The Battle of Picacho Pass, April 15, 1862, was a battle of the Civil War fought in the CSA and one of many battles to occur in Arizona during the war among three sides—Apaches, Confederates and Union forces. In 1863, the U.S. split up New Mexico along a north–south line to create the Arizona Territory. The first government officials to arrive established the territory capital in Prescott in 1864. The capital was later moved to Tucson, back to Prescott, and then to its final location in Phoenix in a series of controversial moves as different regions of the territory gained and lost political influence with the growth and development of the territory.
Native American relations
In the late 19th century the Army built a series of forts to encourage the Natives to stay in their territory and to act as a buffer from the settlers. The first was Fort Defiance. It was established on September 18, 1851, by Col. Edwin V. Sumner to create a military presence in Diné bikéyah (Navajo territory). Sumner broke up the fort at Santa Fe for this purpose, creating the first military post in what is now Arizona. He left Major Electus Backus in charge. Small skirmishes were common between raiding Navajo and counter raiding citizens. In April 1860 one thousand Navajo warriors under Manuelito attacked the fort and were beaten off.
The fort was abandoned at the start of the Civil War but was reoccupied in 1863 by Colonel Kit Carson and the 1st New Mexico Infantry. Carson was tasked by Brigadier-General James H. Carleton, Commander of the Federal District of New Mexico, to kill Navajo men, destroy crops, wells, houses and livestock. These tactics forced 9000 Navajos to take the Long Walk to a reservation at Bosque Redondo, New Mexico. The Bosque was a complete failure. In 1868 the Navajo signed another treaty and were allowed to go back to part of their former territory. The returning Navajo were restocked with sheep and other livestock. Fort Defiance was the agency for the new Navajo reservation until 1936; today it provides medical services to the region.
Fort Apache was built on the Fort Apache Indian Reservation by soldiers from the 1st Cavalry and 21st Infantry in 1870. Only one small battle took place, in September 1881, with three soldiers wounded. When the reservation Indians were granted U.S. citizenship in 1924, the fort was permanently closed down. Fort Huachuca, east of Tucson, was founded in 1877 as the base for operations against Apaches and raiders from Mexico. From 1913 to 1933 the fort was the base for the "Buffalo Soldiers" of the 10th Cavalry Regiment. During World War II, the fort expanded to 25,000 soldiers, mostly in segregated all-black units. Today the fort remains in operation and houses the U.S. Army Intelligence Center and the U.S. Army Network.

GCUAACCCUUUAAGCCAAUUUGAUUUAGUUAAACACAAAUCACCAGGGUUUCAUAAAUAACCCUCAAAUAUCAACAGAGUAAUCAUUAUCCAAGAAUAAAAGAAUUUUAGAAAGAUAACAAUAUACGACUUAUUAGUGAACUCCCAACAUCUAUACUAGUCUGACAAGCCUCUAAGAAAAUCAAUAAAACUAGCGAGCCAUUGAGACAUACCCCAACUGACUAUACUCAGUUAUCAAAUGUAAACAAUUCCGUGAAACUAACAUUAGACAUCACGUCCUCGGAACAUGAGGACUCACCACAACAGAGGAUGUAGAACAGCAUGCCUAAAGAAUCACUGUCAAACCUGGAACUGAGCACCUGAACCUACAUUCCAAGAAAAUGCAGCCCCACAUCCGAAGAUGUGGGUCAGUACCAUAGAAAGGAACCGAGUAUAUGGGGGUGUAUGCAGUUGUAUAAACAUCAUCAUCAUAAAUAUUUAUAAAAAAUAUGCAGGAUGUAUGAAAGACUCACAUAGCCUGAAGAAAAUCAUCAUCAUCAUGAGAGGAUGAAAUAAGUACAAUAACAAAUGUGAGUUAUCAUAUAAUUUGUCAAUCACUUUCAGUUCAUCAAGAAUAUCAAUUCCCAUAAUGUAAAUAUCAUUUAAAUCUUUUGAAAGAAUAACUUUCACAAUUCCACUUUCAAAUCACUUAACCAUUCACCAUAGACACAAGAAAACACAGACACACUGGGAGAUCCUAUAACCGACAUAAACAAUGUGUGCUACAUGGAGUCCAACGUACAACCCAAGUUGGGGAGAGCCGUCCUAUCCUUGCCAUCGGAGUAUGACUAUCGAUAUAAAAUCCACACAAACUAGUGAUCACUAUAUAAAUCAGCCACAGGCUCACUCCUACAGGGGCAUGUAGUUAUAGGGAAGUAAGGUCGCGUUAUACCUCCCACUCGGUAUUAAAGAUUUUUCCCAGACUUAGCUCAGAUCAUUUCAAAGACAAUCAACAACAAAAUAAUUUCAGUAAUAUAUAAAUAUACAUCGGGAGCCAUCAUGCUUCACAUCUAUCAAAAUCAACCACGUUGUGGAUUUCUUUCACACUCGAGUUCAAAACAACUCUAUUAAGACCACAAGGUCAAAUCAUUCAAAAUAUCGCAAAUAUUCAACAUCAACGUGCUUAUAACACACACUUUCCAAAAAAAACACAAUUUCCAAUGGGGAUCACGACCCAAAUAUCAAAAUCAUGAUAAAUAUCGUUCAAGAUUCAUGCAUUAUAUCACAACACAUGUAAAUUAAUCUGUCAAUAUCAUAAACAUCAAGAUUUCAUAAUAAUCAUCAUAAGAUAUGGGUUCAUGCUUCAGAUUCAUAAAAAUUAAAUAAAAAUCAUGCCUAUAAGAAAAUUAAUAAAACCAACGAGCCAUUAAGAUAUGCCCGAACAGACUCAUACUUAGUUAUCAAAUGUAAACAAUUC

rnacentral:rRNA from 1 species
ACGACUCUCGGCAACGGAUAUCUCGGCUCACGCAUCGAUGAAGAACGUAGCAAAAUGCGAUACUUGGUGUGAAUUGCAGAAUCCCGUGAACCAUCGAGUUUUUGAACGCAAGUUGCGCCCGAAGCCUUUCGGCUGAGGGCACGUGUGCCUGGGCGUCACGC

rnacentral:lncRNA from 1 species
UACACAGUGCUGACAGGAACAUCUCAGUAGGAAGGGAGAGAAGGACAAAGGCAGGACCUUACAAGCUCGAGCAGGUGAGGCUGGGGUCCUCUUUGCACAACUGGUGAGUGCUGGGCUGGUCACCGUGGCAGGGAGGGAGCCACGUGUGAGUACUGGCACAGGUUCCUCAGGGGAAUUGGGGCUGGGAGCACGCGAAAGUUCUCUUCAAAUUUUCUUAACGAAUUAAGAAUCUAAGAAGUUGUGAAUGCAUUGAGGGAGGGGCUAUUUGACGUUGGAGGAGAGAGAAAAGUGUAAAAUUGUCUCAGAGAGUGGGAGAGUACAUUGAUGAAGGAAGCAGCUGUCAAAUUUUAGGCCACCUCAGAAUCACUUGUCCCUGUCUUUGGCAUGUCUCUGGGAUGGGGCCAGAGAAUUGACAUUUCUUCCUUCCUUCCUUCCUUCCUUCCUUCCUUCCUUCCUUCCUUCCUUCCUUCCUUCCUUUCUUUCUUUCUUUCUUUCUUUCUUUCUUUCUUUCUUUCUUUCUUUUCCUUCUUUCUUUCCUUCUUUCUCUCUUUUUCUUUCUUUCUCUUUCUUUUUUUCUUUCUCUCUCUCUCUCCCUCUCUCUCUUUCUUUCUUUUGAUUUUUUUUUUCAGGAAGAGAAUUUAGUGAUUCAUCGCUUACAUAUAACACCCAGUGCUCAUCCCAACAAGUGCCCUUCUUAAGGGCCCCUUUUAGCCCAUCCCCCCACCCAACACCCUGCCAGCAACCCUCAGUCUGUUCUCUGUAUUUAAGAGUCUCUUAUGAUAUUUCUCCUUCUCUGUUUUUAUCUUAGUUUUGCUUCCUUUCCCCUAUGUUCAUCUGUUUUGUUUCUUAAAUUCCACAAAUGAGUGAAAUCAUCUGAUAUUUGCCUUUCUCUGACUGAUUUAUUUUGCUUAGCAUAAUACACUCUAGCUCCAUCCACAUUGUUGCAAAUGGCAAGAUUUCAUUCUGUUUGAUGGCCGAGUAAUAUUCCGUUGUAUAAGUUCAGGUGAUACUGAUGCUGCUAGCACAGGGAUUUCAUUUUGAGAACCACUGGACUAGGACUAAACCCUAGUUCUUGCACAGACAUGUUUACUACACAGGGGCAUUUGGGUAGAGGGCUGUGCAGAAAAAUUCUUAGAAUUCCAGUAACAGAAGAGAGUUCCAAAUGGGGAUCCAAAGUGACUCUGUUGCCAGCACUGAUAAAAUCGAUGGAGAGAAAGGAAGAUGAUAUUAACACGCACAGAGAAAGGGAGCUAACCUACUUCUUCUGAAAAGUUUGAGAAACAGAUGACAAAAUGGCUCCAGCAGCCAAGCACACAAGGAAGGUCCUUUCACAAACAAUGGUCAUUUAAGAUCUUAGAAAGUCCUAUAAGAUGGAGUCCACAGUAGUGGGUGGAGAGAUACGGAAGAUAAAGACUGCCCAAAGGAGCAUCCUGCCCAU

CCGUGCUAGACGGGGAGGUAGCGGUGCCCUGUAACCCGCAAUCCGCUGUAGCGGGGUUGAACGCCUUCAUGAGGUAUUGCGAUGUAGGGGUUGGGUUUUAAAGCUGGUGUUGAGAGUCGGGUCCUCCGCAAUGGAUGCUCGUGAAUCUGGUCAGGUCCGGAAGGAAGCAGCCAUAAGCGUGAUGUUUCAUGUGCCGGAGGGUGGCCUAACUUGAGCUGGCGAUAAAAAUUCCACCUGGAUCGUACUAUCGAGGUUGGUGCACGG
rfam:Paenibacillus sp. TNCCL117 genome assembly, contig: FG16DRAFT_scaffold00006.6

The Pueblos in Arizona were relatively peaceful through the Navajo and Apache Wars. However, in June 1891, the army had to bring in troops to stop Oraibi from preventing a school from being built on their mesa.
After the Civil War, Texans brought large-scale ranching to southern Arizona. They introduced their proven range methods to the new grass country. Texas rustlers also came, and brought lawlessness. Inexperienced ranchers brought poor management, resulting in overstocking, and introduced destructive diseases. Local cattleman organizations were formed to handle these problems. The Territory experienced a cattle boom in 1873–91, as the herds were expanded from 40,000 to 1.5 million head. However the drought of 1891–93 killed off over half the cattle and produced severe overgrazing. Efforts to restore the rangeland between 1905 and 1934 had limited success, but ranching continued on a smaller scale.
Arizona's last major drought occurred during Dust Bowl years of 1933–34. This time Washington stepped in as the Agricultural Adjustment Administration spent $100 million to buy up the starving cattle. The Taylor Grazing Act placed federal and state agencies in control of livestock numbers on public lands. Most of the land in Arizona is owned by the federal government which leased grazing land to ranchers at low cost. Ranchers invested heavily in blooded stock and equipment. James Wilson states that after 1950, higher fees and restrictions in the name of land conservation caused a sizable reduction in available grazing land. The ranchers had installed three-fifths of the fences, dikes, diversion dams, cattleguards, and other improvements, but the new rules reduced the value of that investment. In the end, Wilson believes, sportsmen and environmentalists maintained a political advantage by denouncing the ranchers as political corrupted land-grabbers who exploited the publicly owned natural resources.
On February 23, 1883 United Verde Copper Company was incorporated under New York law. The small mining camp next to the mine was given a proper name, 'Jerome.' The town was named after the family which had invested a large amount of capitol. In 1885 Lewis Williams opened a copper smelter in Bisbee and the copper boom began, as the nation turned to copper wires for electricity. The arrival of railroads in the 1880s made mining even more profitable, and national corporations bought control of the mines and invested in new equipment. Mining operations flourished in numerous boom towns, such as Bisbee, Jerome, Douglas, Ajo and Miami.
Arizona's "wild west" reputation was well deserved. Tombstone was a notorious mining town that flourished longer than most, from 1877 to 1929. Silver was discovered in 1877, and by 1881 the town had a population of over 10,000. Western story tellers and Hollywood film makers made as much money in Tombstone as anyone, thanks to the arrival of Wyatt Earp and his brothers in 1879. They bought shares in the Vizina mine, water rights, and gambling concessions, but Virgil, Morgan and Wyatt were soon appointed as federal and local marshals. They killed three outlaws in the Gunfight at the O.K. Corral, the most famous gunfight of the Old West.